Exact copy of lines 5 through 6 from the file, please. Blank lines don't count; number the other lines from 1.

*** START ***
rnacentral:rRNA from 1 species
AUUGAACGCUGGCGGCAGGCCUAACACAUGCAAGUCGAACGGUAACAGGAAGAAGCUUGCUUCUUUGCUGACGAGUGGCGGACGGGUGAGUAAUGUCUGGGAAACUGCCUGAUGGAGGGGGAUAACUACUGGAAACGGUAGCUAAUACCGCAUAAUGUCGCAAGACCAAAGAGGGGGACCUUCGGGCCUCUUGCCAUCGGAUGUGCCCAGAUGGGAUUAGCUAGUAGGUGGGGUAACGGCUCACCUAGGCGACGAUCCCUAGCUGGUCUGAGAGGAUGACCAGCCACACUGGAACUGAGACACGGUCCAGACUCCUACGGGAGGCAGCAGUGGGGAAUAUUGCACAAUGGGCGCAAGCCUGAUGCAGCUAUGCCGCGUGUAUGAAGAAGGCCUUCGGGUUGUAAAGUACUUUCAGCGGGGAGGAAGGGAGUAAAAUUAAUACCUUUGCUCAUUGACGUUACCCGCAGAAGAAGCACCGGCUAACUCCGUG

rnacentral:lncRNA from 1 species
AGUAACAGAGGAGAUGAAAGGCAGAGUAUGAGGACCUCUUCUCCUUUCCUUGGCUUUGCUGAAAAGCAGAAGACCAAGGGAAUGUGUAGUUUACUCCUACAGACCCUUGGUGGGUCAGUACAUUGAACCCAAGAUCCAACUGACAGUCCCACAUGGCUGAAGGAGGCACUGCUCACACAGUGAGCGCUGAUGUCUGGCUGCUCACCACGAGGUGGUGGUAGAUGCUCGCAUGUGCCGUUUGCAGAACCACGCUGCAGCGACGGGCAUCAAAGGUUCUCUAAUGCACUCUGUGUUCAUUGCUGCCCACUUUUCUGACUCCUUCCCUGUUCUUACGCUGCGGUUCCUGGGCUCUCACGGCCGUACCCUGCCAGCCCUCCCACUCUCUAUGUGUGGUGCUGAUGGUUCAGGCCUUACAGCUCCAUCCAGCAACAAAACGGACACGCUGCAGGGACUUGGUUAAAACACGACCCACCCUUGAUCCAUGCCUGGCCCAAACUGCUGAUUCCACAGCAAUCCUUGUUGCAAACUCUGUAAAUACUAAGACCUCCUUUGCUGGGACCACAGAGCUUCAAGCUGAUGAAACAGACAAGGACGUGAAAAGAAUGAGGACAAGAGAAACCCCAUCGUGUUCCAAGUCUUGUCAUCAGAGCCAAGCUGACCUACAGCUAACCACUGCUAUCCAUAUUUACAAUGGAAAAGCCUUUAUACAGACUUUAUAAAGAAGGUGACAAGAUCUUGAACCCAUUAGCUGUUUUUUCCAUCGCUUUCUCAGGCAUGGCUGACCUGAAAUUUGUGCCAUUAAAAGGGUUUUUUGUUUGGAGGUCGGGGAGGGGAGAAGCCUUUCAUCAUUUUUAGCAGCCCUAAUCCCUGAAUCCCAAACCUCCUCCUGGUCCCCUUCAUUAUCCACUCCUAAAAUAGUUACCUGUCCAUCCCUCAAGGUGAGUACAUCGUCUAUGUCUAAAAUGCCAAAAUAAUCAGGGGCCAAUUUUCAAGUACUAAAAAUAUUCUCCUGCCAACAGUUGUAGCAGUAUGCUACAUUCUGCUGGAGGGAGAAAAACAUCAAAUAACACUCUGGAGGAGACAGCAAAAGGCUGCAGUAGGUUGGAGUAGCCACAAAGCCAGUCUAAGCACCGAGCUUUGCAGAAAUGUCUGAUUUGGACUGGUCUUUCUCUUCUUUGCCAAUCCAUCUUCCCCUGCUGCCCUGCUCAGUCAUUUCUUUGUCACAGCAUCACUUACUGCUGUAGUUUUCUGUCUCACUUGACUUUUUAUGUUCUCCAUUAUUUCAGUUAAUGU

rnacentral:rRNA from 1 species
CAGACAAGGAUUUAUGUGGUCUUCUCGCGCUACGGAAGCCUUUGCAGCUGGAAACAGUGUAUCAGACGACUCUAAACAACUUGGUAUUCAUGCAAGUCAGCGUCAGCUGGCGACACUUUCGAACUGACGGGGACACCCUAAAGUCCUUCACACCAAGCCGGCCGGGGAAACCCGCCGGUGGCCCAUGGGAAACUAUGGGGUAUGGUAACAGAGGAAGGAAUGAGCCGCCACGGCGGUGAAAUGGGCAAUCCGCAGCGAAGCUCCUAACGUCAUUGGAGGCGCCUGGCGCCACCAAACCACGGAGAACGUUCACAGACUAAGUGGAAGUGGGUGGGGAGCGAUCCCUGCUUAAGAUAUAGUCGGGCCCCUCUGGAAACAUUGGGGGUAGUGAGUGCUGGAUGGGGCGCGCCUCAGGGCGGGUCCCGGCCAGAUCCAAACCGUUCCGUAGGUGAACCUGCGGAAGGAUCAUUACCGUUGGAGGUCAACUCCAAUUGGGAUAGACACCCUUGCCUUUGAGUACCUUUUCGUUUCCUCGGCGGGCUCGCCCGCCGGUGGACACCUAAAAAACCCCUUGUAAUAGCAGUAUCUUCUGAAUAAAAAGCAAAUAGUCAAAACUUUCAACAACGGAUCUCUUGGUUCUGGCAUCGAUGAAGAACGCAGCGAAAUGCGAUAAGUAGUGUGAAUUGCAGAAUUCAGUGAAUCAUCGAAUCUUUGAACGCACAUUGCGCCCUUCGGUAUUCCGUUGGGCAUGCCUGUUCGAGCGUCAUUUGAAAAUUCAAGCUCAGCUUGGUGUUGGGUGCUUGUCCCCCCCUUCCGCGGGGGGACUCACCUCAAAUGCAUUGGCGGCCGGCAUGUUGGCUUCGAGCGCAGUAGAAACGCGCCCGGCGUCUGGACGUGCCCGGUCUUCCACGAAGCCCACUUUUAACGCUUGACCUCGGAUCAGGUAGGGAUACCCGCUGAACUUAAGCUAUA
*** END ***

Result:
rnacentral:rRNA from 1 species
CAGACAAGGAUUUAUGUGGUCUUCUCGCGCUACGGAAGCCUUUGCAGCUGGAAACAGUGUAUCAGACGACUCUAAACAACUUGGUAUUCAUGCAAGUCAGCGUCAGCUGGCGACACUUUCGAACUGACGGGGACACCCUAAAGUCCUUCACACCAAGCCGGCCGGGGAAACCCGCCGGUGGCCCAUGGGAAACUAUGGGGUAUGGUAACAGAGGAAGGAAUGAGCCGCCACGGCGGUGAAAUGGGCAAUCCGCAGCGAAGCUCCUAACGUCAUUGGAGGCGCCUGGCGCCACCAAACCACGGAGAACGUUCACAGACUAAGUGGAAGUGGGUGGGGAGCGAUCCCUGCUUAAGAUAUAGUCGGGCCCCUCUGGAAACAUUGGGGGUAGUGAGUGCUGGAUGGGGCGCGCCUCAGGGCGGGUCCCGGCCAGAUCCAAACCGUUCCGUAGGUGAACCUGCGGAAGGAUCAUUACCGUUGGAGGUCAACUCCAAUUGGGAUAGACACCCUUGCCUUUGAGUACCUUUUCGUUUCCUCGGCGGGCUCGCCCGCCGGUGGACACCUAAAAAACCCCUUGUAAUAGCAGUAUCUUCUGAAUAAAAAGCAAAUAGUCAAAACUUUCAACAACGGAUCUCUUGGUUCUGGCAUCGAUGAAGAACGCAGCGAAAUGCGAUAAGUAGUGUGAAUUGCAGAAUUCAGUGAAUCAUCGAAUCUUUGAACGCACAUUGCGCCCUUCGGUAUUCCGUUGGGCAUGCCUGUUCGAGCGUCAUUUGAAAAUUCAAGCUCAGCUUGGUGUUGGGUGCUUGUCCCCCCCUUCCGCGGGGGGACUCACCUCAAAUGCAUUGGCGGCCGGCAUGUUGGCUUCGAGCGCAGUAGAAACGCGCCCGGCGUCUGGACGUGCCCGGUCUUCCACGAAGCCCACUUUUAACGCUUGACCUCGGAUCAGGUAGGGAUACCCGCUGAACUUAAGCUAUA